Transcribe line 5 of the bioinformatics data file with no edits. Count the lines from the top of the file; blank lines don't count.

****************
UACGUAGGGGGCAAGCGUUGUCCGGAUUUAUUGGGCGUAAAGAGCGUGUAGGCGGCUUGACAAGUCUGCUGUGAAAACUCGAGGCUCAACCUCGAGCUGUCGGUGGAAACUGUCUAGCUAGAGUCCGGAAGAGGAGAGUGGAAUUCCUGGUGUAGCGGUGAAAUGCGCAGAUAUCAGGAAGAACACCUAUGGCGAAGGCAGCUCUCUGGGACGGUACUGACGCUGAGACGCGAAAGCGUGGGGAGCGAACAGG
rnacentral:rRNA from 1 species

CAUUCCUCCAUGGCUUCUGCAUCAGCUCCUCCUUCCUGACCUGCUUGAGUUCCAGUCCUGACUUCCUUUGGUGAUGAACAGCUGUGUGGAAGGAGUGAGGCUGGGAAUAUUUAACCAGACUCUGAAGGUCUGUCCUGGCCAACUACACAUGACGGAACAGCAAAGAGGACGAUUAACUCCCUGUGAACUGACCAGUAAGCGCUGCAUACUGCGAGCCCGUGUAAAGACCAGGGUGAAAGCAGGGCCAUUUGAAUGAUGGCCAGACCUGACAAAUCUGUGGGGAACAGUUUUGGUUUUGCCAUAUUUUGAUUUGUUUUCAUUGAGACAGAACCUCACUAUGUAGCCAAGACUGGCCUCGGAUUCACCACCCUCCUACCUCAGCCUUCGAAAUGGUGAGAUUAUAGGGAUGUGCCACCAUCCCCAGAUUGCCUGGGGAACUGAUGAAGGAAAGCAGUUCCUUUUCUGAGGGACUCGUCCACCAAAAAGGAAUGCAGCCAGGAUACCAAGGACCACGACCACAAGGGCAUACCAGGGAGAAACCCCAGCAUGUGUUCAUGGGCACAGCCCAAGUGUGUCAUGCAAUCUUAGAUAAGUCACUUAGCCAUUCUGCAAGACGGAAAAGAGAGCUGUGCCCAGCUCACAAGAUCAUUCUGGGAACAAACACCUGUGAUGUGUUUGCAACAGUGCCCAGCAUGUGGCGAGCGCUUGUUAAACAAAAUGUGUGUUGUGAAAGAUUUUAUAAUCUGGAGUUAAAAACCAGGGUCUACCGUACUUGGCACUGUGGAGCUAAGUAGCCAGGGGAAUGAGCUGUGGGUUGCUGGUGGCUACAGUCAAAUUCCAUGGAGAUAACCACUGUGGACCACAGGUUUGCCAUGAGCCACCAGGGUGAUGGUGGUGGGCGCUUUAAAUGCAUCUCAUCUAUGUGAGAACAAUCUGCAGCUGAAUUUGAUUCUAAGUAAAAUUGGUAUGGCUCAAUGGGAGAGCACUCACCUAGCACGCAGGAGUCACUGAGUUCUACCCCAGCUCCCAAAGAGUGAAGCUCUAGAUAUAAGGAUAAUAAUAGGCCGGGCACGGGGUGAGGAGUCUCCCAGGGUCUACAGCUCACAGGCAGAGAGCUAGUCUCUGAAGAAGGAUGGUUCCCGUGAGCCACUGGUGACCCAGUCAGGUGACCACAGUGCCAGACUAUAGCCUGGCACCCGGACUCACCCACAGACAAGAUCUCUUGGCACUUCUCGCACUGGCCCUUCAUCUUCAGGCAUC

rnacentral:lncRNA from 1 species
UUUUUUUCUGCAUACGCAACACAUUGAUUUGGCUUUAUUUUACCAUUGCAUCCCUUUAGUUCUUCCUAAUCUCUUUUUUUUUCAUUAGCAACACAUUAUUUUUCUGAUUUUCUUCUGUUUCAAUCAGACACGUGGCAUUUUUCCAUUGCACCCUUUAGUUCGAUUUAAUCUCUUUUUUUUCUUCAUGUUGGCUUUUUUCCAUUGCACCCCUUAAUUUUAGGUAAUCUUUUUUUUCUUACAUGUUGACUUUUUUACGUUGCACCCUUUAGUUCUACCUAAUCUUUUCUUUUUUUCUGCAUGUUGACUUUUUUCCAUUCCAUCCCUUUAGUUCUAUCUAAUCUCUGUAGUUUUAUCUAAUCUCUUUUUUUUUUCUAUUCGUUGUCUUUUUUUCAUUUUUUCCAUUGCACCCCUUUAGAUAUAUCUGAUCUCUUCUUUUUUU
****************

UUUUUUUCUGCAUACGCAACACAUUGAUUUGGCUUUAUUUUACCAUUGCAUCCCUUUAGUUCUUCCUAAUCUCUUUUUUUUUCAUUAGCAACACAUUAUUUUUCUGAUUUUCUUCUGUUUCAAUCAGACACGUGGCAUUUUUCCAUUGCACCCUUUAGUUCGAUUUAAUCUCUUUUUUUUCUUCAUGUUGGCUUUUUUCCAUUGCACCCCUUAAUUUUAGGUAAUCUUUUUUUUCUUACAUGUUGACUUUUUUACGUUGCACCCUUUAGUUCUACCUAAUCUUUUCUUUUUUUCUGCAUGUUGACUUUUUUCCAUUCCAUCCCUUUAGUUCUAUCUAAUCUCUGUAGUUUUAUCUAAUCUCUUUUUUUUUUCUAUUCGUUGUCUUUUUUUCAUUUUUUCCAUUGCACCCCUUUAGAUAUAUCUGAUCUCUUCUUUUUUU